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Ring sizes: Scales and Systems.

Ring sizing systems throughout the world vary. It would be great if everyone used the same system, it would certainly make things easier for me, but we don't. Below I will list what I know of these systems and include a reference chart at the bottom.

I make rings in both the UK and US systems.

United Kingdom and Commonwealth.

In the UK we use a system referred to as the Wheatsheaf system (although few call it wheatsheaf). The scale goes from A to Z with half sizes in between . Beyond Z is often expressed as Z+ 1, 2, 3, 4 etc. where each number represents a half size. This system is also used by many Commonwealth countries including Australia, New Zealand and South Africa to name a few. The only obvious exception is Canada, which uses the US scale. Virtually everything I make is in the UK sizing scale.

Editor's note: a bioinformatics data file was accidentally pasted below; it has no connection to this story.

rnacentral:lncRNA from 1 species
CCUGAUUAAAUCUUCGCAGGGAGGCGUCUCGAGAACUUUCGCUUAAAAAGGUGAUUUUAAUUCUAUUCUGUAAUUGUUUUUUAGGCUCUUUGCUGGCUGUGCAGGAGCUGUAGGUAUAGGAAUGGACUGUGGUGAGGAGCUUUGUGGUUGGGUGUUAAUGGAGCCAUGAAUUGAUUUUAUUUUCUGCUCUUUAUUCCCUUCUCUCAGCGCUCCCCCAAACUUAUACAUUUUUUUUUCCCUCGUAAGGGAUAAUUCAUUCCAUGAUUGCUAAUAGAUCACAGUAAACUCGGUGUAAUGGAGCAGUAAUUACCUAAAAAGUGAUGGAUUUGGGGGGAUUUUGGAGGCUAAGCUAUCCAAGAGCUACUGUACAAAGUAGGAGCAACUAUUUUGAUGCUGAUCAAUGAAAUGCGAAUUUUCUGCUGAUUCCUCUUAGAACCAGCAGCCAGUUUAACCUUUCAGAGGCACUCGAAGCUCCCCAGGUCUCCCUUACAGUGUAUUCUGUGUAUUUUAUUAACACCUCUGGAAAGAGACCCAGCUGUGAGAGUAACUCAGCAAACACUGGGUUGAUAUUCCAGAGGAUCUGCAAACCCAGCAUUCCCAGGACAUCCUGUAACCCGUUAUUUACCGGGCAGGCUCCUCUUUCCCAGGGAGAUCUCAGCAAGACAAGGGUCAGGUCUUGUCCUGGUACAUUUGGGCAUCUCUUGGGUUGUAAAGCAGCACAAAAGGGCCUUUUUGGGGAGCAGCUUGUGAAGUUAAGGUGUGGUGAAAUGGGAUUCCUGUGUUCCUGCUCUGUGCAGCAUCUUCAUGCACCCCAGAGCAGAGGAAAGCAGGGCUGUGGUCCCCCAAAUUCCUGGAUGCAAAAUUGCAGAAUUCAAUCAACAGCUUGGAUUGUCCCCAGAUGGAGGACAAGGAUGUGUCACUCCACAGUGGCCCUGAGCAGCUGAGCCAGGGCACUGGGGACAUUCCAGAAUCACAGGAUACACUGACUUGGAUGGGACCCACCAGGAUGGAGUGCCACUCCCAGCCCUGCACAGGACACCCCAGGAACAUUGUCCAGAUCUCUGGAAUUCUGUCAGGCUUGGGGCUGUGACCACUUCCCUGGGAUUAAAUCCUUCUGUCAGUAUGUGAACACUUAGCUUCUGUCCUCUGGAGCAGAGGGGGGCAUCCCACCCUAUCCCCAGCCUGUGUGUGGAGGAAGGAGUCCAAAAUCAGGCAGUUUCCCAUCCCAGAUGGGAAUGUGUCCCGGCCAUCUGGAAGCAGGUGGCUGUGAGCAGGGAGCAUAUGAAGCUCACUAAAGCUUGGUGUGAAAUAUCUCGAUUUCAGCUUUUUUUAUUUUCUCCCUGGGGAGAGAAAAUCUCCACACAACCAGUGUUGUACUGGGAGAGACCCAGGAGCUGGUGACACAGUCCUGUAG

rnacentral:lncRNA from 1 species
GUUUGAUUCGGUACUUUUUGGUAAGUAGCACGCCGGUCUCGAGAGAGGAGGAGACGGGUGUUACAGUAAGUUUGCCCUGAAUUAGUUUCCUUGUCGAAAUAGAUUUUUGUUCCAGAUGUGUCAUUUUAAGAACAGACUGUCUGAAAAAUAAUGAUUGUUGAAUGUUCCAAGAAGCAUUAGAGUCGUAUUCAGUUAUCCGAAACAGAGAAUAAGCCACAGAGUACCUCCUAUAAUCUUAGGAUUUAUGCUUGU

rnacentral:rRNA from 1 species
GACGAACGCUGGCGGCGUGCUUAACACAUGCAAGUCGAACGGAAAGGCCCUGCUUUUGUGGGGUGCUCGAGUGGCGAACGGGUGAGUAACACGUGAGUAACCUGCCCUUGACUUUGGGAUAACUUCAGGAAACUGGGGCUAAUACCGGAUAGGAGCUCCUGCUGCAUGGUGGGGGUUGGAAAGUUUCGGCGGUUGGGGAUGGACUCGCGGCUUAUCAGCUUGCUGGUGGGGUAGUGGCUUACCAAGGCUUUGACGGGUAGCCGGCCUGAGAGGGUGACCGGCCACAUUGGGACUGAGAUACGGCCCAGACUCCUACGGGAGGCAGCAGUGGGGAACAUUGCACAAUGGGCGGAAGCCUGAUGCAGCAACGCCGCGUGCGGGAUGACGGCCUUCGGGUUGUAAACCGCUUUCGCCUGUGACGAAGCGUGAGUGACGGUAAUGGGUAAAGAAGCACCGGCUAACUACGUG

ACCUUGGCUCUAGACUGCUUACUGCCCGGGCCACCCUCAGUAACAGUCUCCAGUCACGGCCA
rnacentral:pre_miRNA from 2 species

This system was revised in 1987, but is virtually identical to the previous system. As the UK was entirely imperial measurements, it shouldn't come as a surprise that this scale was based on a imperial measurement. Each difference in size was based on an increase of 1/64th of an inch in diameter. Although the UK is now decimal/metric, this system is still used.

United States and Canada.

The US and Canada use a system of numbers from 0 to 13 ordinarily, but can be extended beyond this as the difference between full sizes is 4/125" (0.032 inches (0.81 mm) of internal diameter, a wider difference between sizes than the UK system, but then there are 1/4 sizes in between.


Europe uses 3 different systems which are all based on a metric measurement.